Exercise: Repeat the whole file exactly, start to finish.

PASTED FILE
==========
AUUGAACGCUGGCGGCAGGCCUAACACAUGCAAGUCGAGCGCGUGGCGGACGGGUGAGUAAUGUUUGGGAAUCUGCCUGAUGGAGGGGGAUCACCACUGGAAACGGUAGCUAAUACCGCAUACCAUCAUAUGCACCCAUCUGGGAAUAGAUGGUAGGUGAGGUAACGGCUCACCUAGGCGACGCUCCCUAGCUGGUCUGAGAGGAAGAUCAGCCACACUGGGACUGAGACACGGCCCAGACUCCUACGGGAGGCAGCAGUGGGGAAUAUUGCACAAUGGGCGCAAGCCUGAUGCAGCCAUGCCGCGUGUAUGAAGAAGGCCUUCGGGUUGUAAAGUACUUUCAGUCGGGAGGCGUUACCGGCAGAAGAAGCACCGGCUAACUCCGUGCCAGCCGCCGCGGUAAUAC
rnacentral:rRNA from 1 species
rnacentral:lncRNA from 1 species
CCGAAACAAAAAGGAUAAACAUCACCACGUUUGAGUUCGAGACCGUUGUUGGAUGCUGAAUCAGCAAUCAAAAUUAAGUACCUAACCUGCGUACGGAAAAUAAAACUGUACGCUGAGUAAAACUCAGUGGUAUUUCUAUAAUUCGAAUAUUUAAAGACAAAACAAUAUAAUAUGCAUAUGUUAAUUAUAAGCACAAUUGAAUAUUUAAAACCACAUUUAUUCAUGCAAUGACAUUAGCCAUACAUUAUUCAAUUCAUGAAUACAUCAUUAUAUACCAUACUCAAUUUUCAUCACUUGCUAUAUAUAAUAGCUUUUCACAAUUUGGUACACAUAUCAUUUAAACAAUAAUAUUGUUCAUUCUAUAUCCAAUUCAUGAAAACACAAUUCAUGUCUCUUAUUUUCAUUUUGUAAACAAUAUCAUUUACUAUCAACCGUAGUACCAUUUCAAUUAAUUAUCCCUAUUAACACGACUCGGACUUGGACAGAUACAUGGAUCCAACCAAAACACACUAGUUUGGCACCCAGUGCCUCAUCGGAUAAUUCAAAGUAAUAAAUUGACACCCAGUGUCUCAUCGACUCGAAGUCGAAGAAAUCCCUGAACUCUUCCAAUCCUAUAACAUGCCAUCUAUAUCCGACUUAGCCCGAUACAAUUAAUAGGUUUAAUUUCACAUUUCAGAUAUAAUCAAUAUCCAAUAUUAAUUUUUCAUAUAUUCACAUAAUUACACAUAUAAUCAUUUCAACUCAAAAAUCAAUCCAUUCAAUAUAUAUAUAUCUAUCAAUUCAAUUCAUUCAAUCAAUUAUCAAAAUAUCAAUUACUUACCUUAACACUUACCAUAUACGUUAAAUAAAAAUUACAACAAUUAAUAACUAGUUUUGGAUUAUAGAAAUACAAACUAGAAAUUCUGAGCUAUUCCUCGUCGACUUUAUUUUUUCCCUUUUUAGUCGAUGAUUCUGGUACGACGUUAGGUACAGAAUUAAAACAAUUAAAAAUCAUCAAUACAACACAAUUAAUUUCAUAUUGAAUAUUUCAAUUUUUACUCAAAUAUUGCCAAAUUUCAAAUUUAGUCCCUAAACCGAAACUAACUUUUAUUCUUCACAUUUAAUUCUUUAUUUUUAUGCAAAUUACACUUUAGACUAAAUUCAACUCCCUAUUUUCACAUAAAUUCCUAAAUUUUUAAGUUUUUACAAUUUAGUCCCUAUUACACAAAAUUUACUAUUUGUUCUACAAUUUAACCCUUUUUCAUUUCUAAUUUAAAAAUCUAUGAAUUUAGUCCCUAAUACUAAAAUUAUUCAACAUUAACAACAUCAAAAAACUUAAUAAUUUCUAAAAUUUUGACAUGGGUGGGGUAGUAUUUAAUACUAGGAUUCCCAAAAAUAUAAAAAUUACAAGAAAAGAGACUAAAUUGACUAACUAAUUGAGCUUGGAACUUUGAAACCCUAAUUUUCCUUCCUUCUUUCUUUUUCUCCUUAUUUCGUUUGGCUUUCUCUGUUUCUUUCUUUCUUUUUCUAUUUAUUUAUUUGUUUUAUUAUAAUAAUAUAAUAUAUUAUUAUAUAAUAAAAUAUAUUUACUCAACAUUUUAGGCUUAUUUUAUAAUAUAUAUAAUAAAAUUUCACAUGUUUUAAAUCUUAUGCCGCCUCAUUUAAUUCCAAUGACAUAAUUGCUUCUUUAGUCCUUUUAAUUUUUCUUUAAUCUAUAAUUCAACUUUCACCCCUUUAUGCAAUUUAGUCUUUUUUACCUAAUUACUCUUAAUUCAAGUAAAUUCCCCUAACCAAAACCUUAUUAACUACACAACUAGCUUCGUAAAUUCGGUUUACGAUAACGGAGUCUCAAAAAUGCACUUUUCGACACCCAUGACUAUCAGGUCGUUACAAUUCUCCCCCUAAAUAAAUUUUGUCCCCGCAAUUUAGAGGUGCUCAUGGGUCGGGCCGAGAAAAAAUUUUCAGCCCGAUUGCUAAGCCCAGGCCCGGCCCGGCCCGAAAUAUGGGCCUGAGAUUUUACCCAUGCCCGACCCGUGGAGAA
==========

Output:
AUUGAACGCUGGCGGCAGGCCUAACACAUGCAAGUCGAGCGCGUGGCGGACGGGUGAGUAAUGUUUGGGAAUCUGCCUGAUGGAGGGGGAUCACCACUGGAAACGGUAGCUAAUACCGCAUACCAUCAUAUGCACCCAUCUGGGAAUAGAUGGUAGGUGAGGUAACGGCUCACCUAGGCGACGCUCCCUAGCUGGUCUGAGAGGAAGAUCAGCCACACUGGGACUGAGACACGGCCCAGACUCCUACGGGAGGCAGCAGUGGGGAAUAUUGCACAAUGGGCGCAAGCCUGAUGCAGCCAUGCCGCGUGUAUGAAGAAGGCCUUCGGGUUGUAAAGUACUUUCAGUCGGGAGGCGUUACCGGCAGAAGAAGCACCGGCUAACUCCGUGCCAGCCGCCGCGGUAAUAC
rnacentral:rRNA from 1 species
rnacentral:lncRNA from 1 species
CCGAAACAAAAAGGAUAAACAUCACCACGUUUGAGUUCGAGACCGUUGUUGGAUGCUGAAUCAGCAAUCAAAAUUAAGUACCUAACCUGCGUACGGAAAAUAAAACUGUACGCUGAGUAAAACUCAGUGGUAUUUCUAUAAUUCGAAUAUUUAAAGACAAAACAAUAUAAUAUGCAUAUGUUAAUUAUAAGCACAAUUGAAUAUUUAAAACCACAUUUAUUCAUGCAAUGACAUUAGCCAUACAUUAUUCAAUUCAUGAAUACAUCAUUAUAUACCAUACUCAAUUUUCAUCACUUGCUAUAUAUAAUAGCUUUUCACAAUUUGGUACACAUAUCAUUUAAACAAUAAUAUUGUUCAUUCUAUAUCCAAUUCAUGAAAACACAAUUCAUGUCUCUUAUUUUCAUUUUGUAAACAAUAUCAUUUACUAUCAACCGUAGUACCAUUUCAAUUAAUUAUCCCUAUUAACACGACUCGGACUUGGACAGAUACAUGGAUCCAACCAAAACACACUAGUUUGGCACCCAGUGCCUCAUCGGAUAAUUCAAAGUAAUAAAUUGACACCCAGUGUCUCAUCGACUCGAAGUCGAAGAAAUCCCUGAACUCUUCCAAUCCUAUAACAUGCCAUCUAUAUCCGACUUAGCCCGAUACAAUUAAUAGGUUUAAUUUCACAUUUCAGAUAUAAUCAAUAUCCAAUAUUAAUUUUUCAUAUAUUCACAUAAUUACACAUAUAAUCAUUUCAACUCAAAAAUCAAUCCAUUCAAUAUAUAUAUAUCUAUCAAUUCAAUUCAUUCAAUCAAUUAUCAAAAUAUCAAUUACUUACCUUAACACUUACCAUAUACGUUAAAUAAAAAUUACAACAAUUAAUAACUAGUUUUGGAUUAUAGAAAUACAAACUAGAAAUUCUGAGCUAUUCCUCGUCGACUUUAUUUUUUCCCUUUUUAGUCGAUGAUUCUGGUACGACGUUAGGUACAGAAUUAAAACAAUUAAAAAUCAUCAAUACAACACAAUUAAUUUCAUAUUGAAUAUUUCAAUUUUUACUCAAAUAUUGCCAAAUUUCAAAUUUAGUCCCUAAACCGAAACUAACUUUUAUUCUUCACAUUUAAUUCUUUAUUUUUAUGCAAAUUACACUUUAGACUAAAUUCAACUCCCUAUUUUCACAUAAAUUCCUAAAUUUUUAAGUUUUUACAAUUUAGUCCCUAUUACACAAAAUUUACUAUUUGUUCUACAAUUUAACCCUUUUUCAUUUCUAAUUUAAAAAUCUAUGAAUUUAGUCCCUAAUACUAAAAUUAUUCAACAUUAACAACAUCAAAAAACUUAAUAAUUUCUAAAAUUUUGACAUGGGUGGGGUAGUAUUUAAUACUAGGAUUCCCAAAAAUAUAAAAAUUACAAGAAAAGAGACUAAAUUGACUAACUAAUUGAGCUUGGAACUUUGAAACCCUAAUUUUCCUUCCUUCUUUCUUUUUCUCCUUAUUUCGUUUGGCUUUCUCUGUUUCUUUCUUUCUUUUUCUAUUUAUUUAUUUGUUUUAUUAUAAUAAUAUAAUAUAUUAUUAUAUAAUAAAAUAUAUUUACUCAACAUUUUAGGCUUAUUUUAUAAUAUAUAUAAUAAAAUUUCACAUGUUUUAAAUCUUAUGCCGCCUCAUUUAAUUCCAAUGACAUAAUUGCUUCUUUAGUCCUUUUAAUUUUUCUUUAAUCUAUAAUUCAACUUUCACCCCUUUAUGCAAUUUAGUCUUUUUUACCUAAUUACUCUUAAUUCAAGUAAAUUCCCCUAACCAAAACCUUAUUAACUACACAACUAGCUUCGUAAAUUCGGUUUACGAUAACGGAGUCUCAAAAAUGCACUUUUCGACACCCAUGACUAUCAGGUCGUUACAAUUCUCCCCCUAAAUAAAUUUUGUCCCCGCAAUUUAGAGGUGCUCAUGGGUCGGGCCGAGAAAAAAUUUUCAGCCCGAUUGCUAAGCCCAGGCCCGGCCCGGCCCGAAAUAUGGGCCUGAGAUUUUACCCAUGCCCGACCCGUGGAGAA